Unstill Waters: Contemporary Photography from India
December 10, 2022–June 11, 2023
Arthur M. Sackler Gallery | Gallery 22
Unstill Waters: Contemporary Photography from India foregrounds landscapes of India, real and reimagined, as powerful means of examining environmental and social issues concerning us all. Through still and moving image, seriality, and portraiture, five leading contemporary artists explore rapidly changing natural and built environments in India, from riverbanks, ancient forests, and city streets to surreal symbolic settings.
Ravi Agarwal and Atul Bhalla convey the profound importance of water in human life, highlighting enduring social and cultural connections to the sacred yet endangered Yamuna River. Gigi Scaria and Ketaki Sheth produce dynamic and disorienting portrayals of life in New Delhi and Mumbai. Sheba Chhachhi composes a provocative self-portrait that evokes a profound relationship to place as well as to her own focus on the representation of women in visual culture. Dynamic and varied in scale, format, and content, Unstill Waters also celebrates the spectacular recent gift of Sunanda and Umesh Gaur, which significantly expands the museum’s holdings of South Asian photography.
Living in Two Times: Photography by Bahman Jalali and Rana Javadi
August 6, 2022 – January 8, 2023
Arthur M. Sackler Gallery | Galleries 23 and 24
Living in Two Times features the work of Bahman Jalali (1944–2010) and his wife and closest collaborator Rana Javadi (b. 1953). Noted for their sharp documentary images and haunting photomontage works, the artists are among the most influential figures in the development of late twentieth-century photography in Iran. Driven by the medium’s powerful—and fragile—relationship to memory, Jalali and Javadi created an unparalleled visual record of a tumultuous period in their homeland.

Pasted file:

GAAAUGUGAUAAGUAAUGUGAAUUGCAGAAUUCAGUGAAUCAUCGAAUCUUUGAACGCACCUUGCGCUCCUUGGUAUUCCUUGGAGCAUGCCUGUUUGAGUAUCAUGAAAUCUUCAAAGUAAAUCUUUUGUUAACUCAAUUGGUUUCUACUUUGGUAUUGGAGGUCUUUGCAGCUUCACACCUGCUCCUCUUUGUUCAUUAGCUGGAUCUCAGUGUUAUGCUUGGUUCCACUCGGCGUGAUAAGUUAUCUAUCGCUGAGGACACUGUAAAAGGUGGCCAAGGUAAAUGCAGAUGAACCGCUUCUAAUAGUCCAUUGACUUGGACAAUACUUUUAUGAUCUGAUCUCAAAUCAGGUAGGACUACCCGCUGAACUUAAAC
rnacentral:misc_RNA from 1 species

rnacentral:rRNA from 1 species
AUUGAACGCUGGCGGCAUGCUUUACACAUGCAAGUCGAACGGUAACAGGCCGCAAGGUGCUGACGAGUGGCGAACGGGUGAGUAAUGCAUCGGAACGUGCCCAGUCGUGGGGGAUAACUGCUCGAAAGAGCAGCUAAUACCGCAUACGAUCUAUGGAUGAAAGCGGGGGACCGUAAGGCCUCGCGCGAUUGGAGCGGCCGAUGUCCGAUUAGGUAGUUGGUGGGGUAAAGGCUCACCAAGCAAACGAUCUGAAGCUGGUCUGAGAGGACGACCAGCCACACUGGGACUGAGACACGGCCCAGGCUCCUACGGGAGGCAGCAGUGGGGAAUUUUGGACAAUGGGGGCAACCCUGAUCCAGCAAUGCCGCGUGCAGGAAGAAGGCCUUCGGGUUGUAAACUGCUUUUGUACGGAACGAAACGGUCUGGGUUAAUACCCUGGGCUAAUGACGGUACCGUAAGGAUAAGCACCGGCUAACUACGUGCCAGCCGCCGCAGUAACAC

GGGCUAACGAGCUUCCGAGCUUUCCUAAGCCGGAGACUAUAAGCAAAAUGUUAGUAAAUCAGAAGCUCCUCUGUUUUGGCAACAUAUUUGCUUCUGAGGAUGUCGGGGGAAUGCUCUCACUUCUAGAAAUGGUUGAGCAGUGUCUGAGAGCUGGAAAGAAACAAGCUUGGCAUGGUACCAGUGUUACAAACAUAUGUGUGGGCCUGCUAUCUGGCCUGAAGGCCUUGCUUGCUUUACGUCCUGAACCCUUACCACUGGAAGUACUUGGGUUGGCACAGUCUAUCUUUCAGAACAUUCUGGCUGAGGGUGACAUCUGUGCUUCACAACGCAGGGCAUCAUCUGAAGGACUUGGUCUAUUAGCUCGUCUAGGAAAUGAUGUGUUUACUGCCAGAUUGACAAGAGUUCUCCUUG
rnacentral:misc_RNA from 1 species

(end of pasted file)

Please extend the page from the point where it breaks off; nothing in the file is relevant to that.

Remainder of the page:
This exhibition features images by both photographers from the iconic series Days of Blood, Days of Fire, capturing events in Tehran during the 1979 Iranian Revolution, as well as images from Jalali’s Khorramshahr: A City Destroyed and Abadan Fights On, drawn from his years spent on the Iran-Iraq warfront. Throughout his career, Jalali returned continually to his project of observing the changing lives and landscapes of Iran. A third section of the exhibition presents a selection of his images of fishing communities along the northern Persian Gulf. In addition to their documentary projects, Jalali and Javadi preserved early twentieth century archives, which they used as a basis for creating vivid photomontages that explore the role of the medium in documenting history. This will be the first museum retrospective in the United States that offers a glimpse of Jalali’s extensive practice and the first to be presented together with a selection of Javadi’s evocative work from the late 1970s to the present.
Support for this exhibition is provided by the Soudavar Memorial Foundation, the Mehr Foundation, the Persian Art Programs Endowment, and the Jahangir and Eleanor Amuzegar Endowment for Contemporary Iranian Art.